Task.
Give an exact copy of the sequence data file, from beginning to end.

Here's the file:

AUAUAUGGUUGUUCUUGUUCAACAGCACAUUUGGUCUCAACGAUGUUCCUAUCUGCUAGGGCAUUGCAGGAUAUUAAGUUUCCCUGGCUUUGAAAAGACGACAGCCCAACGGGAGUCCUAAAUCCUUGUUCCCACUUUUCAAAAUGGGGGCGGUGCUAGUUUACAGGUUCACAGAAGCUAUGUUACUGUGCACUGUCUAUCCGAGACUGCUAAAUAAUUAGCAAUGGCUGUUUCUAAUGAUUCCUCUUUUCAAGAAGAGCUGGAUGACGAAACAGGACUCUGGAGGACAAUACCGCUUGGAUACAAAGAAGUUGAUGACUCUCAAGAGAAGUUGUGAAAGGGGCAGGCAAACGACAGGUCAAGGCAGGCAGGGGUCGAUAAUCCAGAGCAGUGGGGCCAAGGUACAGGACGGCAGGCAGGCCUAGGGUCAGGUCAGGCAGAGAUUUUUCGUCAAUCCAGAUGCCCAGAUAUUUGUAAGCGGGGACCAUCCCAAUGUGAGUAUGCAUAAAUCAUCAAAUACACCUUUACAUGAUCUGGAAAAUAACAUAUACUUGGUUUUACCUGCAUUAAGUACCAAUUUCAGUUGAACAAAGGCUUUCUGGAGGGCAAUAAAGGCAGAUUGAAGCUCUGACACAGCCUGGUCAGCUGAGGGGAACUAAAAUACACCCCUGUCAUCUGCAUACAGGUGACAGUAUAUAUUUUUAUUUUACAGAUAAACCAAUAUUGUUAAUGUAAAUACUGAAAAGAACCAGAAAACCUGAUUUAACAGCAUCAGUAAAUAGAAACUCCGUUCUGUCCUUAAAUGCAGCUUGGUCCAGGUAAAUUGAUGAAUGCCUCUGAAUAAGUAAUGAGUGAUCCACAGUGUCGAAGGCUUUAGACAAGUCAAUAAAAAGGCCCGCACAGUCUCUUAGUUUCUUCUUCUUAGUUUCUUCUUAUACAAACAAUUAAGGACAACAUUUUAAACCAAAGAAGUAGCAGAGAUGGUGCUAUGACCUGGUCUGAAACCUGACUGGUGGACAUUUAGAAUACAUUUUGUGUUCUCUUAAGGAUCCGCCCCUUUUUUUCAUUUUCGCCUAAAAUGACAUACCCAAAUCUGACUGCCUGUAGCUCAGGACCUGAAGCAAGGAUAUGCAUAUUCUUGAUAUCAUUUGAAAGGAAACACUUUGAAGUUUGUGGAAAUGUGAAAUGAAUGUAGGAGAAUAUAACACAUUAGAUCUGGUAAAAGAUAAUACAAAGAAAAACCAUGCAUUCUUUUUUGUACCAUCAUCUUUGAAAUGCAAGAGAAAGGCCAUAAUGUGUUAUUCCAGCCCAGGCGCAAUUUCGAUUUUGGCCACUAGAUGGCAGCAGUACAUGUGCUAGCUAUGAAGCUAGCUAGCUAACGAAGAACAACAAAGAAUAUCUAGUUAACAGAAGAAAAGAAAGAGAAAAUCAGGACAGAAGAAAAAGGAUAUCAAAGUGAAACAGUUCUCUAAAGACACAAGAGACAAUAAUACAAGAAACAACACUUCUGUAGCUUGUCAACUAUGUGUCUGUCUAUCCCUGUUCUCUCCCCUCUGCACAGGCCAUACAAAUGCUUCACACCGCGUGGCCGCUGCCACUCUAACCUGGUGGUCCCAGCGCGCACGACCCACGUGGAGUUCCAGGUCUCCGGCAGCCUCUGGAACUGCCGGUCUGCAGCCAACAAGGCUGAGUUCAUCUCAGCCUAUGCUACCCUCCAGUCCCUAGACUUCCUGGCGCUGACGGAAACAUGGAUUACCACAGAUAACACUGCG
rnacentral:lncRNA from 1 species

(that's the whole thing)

AUAUAUGGUUGUUCUUGUUCAACAGCACAUUUGGUCUCAACGAUGUUCCUAUCUGCUAGGGCAUUGCAGGAUAUUAAGUUUCCCUGGCUUUGAAAAGACGACAGCCCAACGGGAGUCCUAAAUCCUUGUUCCCACUUUUCAAAAUGGGGGCGGUGCUAGUUUACAGGUUCACAGAAGCUAUGUUACUGUGCACUGUCUAUCCGAGACUGCUAAAUAAUUAGCAAUGGCUGUUUCUAAUGAUUCCUCUUUUCAAGAAGAGCUGGAUGACGAAACAGGACUCUGGAGGACAAUACCGCUUGGAUACAAAGAAGUUGAUGACUCUCAAGAGAAGUUGUGAAAGGGGCAGGCAAACGACAGGUCAAGGCAGGCAGGGGUCGAUAAUCCAGAGCAGUGGGGCCAAGGUACAGGACGGCAGGCAGGCCUAGGGUCAGGUCAGGCAGAGAUUUUUCGUCAAUCCAGAUGCCCAGAUAUUUGUAAGCGGGGACCAUCCCAAUGUGAGUAUGCAUAAAUCAUCAAAUACACCUUUACAUGAUCUGGAAAAUAACAUAUACUUGGUUUUACCUGCAUUAAGUACCAAUUUCAGUUGAACAAAGGCUUUCUGGAGGGCAAUAAAGGCAGAUUGAAGCUCUGACACAGCCUGGUCAGCUGAGGGGAACUAAAAUACACCCCUGUCAUCUGCAUACAGGUGACAGUAUAUAUUUUUAUUUUACAGAUAAACCAAUAUUGUUAAUGUAAAUACUGAAAAGAACCAGAAAACCUGAUUUAACAGCAUCAGUAAAUAGAAACUCCGUUCUGUCCUUAAAUGCAGCUUGGUCCAGGUAAAUUGAUGAAUGCCUCUGAAUAAGUAAUGAGUGAUCCACAGUGUCGAAGGCUUUAGACAAGUCAAUAAAAAGGCCCGCACAGUCUCUUAGUUUCUUCUUCUUAGUUUCUUCUUAUACAAACAAUUAAGGACAACAUUUUAAACCAAAGAAGUAGCAGAGAUGGUGCUAUGACCUGGUCUGAAACCUGACUGGUGGACAUUUAGAAUACAUUUUGUGUUCUCUUAAGGAUCCGCCCCUUUUUUUCAUUUUCGCCUAAAAUGACAUACCCAAAUCUGACUGCCUGUAGCUCAGGACCUGAAGCAAGGAUAUGCAUAUUCUUGAUAUCAUUUGAAAGGAAACACUUUGAAGUUUGUGGAAAUGUGAAAUGAAUGUAGGAGAAUAUAACACAUUAGAUCUGGUAAAAGAUAAUACAAAGAAAAACCAUGCAUUCUUUUUUGUACCAUCAUCUUUGAAAUGCAAGAGAAAGGCCAUAAUGUGUUAUUCCAGCCCAGGCGCAAUUUCGAUUUUGGCCACUAGAUGGCAGCAGUACAUGUGCUAGCUAUGAAGCUAGCUAGCUAACGAAGAACAACAAAGAAUAUCUAGUUAACAGAAGAAAAGAAAGAGAAAAUCAGGACAGAAGAAAAAGGAUAUCAAAGUGAAACAGUUCUCUAAAGACACAAGAGACAAUAAUACAAGAAACAACACUUCUGUAGCUUGUCAACUAUGUGUCUGUCUAUCCCUGUUCUCUCCCCUCUGCACAGGCCAUACAAAUGCUUCACACCGCGUGGCCGCUGCCACUCUAACCUGGUGGUCCCAGCGCGCACGACCCACGUGGAGUUCCAGGUCUCCGGCAGCCUCUGGAACUGCCGGUCUGCAGCCAACAAGGCUGAGUUCAUCUCAGCCUAUGCUACCCUCCAGUCCCUAGACUUCCUGGCGCUGACGGAAACAUGGAUUACCACAGAUAACACUGCG
rnacentral:lncRNA from 1 species